by Joanne Couture
I love the LORD, because he has heard
my voice and my pleas for mercy.
Because he inclined his ear to me,
therefore I will call on him as long as I live. (Psalm 116:1-2)
Psalm 116 is part of a group of hymns called the Hallel that were traditionally sung during the Passover meal. Therefore, it is likely to be part of the hymns that Mathew and Mark tell us Jesus and his disciples sang before heading to the Mount of Olives the night he was betrayed and arrested. The words are prophetic. This group of Psalms, 113-118, rejoice in God’s past and future salvation for his people. I picture Jesus singing these words of God’s triumph with his disciples responding, “Alleluia” after each stanza as was commonly done. How encouraging this would have been for Jesus as he headed to the garden to wrestle in prayer with his Father about the horror that lay ahead of him. Jesus no doubt sang also for the joy set before him (Hebrews 12:2) and the victory he would win over death itself, procuring our salvation. Jesus sang knowing he would soon be the fulfillment of the very words he was singing.
Let’s focus in on the first two verses of Psalm 116 written above. What do they teach us about God and prayer? The Psalmist begins his prayer with a simple declaration of his grateful love for Yahweh, the great I AM. He is grateful because Almighty, Eternal God, his Creator and Sustainer, has, and will always, incline his ear to attentively listen to his people’s prayers. This wonderful truth deepens the Psalmist’s love for Yahweh because he is confident that God desires to hear his prayers. He responds to this beautiful truth by saying he will always and continually call upon God as long as he lives. This truth is also our confidence in prayer to the LORD (Yahweh). He desires for us to draw near to his throne of grace that we may receive mercy and find grace to help in time of need. (Hebrews 4:16)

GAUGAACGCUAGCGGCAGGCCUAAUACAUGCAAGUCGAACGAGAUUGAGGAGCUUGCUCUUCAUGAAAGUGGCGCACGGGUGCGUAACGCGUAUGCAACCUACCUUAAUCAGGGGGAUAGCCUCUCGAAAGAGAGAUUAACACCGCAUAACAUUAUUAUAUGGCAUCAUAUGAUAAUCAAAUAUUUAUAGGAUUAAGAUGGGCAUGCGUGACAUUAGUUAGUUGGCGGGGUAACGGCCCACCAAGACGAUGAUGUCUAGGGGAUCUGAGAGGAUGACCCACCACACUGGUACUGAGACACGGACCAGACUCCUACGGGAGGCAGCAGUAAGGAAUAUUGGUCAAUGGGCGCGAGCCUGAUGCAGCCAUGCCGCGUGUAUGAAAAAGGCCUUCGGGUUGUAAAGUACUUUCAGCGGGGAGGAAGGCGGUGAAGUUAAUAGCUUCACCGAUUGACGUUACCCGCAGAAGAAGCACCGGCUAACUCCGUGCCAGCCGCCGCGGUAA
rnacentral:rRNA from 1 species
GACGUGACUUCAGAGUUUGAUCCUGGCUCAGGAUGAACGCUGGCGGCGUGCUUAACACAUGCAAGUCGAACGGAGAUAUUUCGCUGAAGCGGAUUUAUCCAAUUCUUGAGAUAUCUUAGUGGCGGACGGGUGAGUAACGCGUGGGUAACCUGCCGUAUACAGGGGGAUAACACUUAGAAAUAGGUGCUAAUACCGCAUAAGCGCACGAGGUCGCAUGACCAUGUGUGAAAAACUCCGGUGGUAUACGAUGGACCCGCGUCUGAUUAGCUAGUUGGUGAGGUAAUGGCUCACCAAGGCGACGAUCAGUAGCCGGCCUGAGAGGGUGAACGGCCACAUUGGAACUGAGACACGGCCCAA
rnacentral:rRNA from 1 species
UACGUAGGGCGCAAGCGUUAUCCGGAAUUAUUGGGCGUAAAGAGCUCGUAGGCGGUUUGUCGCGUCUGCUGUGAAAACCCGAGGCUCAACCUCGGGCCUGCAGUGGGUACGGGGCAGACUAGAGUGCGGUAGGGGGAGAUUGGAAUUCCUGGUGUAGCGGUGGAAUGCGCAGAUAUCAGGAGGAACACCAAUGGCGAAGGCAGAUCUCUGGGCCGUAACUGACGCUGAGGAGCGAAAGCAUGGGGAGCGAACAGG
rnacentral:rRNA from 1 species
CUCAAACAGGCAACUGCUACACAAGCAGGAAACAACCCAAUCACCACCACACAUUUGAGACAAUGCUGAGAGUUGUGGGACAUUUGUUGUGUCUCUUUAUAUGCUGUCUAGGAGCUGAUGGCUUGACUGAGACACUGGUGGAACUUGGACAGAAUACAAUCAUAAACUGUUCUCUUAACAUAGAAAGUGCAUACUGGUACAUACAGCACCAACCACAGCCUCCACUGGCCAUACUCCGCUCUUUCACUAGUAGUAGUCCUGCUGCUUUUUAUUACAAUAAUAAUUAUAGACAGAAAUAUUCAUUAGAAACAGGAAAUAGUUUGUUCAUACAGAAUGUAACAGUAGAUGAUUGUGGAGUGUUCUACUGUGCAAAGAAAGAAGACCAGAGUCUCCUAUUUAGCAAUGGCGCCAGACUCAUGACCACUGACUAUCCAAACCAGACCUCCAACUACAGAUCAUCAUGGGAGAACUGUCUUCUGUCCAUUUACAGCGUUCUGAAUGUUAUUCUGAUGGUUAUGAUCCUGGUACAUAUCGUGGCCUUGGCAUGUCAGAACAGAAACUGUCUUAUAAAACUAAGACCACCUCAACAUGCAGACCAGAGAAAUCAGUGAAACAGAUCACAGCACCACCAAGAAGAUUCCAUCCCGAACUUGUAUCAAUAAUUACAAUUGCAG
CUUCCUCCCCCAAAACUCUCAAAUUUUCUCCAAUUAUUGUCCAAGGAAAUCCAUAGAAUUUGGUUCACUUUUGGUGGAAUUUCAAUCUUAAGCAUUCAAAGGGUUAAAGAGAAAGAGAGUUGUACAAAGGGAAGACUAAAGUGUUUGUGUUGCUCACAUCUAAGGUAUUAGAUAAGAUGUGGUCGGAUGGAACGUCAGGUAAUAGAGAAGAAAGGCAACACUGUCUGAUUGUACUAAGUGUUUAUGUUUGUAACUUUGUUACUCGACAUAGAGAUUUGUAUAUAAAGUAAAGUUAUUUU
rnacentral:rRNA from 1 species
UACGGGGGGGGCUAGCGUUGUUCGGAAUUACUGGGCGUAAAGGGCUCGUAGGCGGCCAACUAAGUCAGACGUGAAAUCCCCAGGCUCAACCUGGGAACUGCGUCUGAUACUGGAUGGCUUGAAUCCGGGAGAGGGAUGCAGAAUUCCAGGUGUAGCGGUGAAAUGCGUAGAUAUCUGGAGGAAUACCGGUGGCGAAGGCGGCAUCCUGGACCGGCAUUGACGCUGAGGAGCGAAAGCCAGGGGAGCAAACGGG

If we forget these truths, we can wrongly think that God is not listening or ignoring our prayers when he doesn’t answer our prayers on our timetable or flat out says no. While we can feel super disappointed, God hasn’t changed. His delays, as well as his answers, are made with perfect love and perfect knowledge and always with our best in mind. These errors in our thinking, if embraced, could lead us to doubt God’s goodness and love for us. So, when we feel like this, by God’s grace, we should stop and recognize this thinking as coming from the enemy who is the father of lies. Just as in the garden, he whispers planting doubt, “Has God really said He inclines His ear to you and listens to your prayers?” The dark realm trembles when we pray. They will press us to despair of pray by casting doubt on God’s goodness. The only way to combat a lie is with truth. Let us return then to the beginning of the Psalm and declare our love for God and praise him for who he is. Then honestly bring our feelings, disappointments, confusion, and doubts to our heavenly Father in prayer. Ask him to help us take every thought captive to Christ who is the Way the Truth and the Life. We should journey through our circumstances trusting in Jesus’ love, and never measure Jesus’ love for us based on our circumstances.
A prayer based on Psalm 116:1-2:
Father God, I love you so very much because you lovingly desire to hear every one of my prayers. I love that you have given me the same words to pray that your beloved Son Jesus prayed. I love that you share in my joys, my sorrows, my hurts, my heartaches. You hear my cries of confusion and anger and understand perfectly how big my life struggles are for me today. You get me. Thank you for being tender with my weaknesses when I don’t understand. I believe you are good even though my circumstances do no always feel good. Please speak your peace over my life, my emotions, and my heart. Thank you that you are more than able to answer my prayers in the best way possible. Help me to rest in your goodness. In Jesus name I pray. Amen.
© 2024; Joanne Courture; all rights reserved. Photo courtesy of Unsplash.com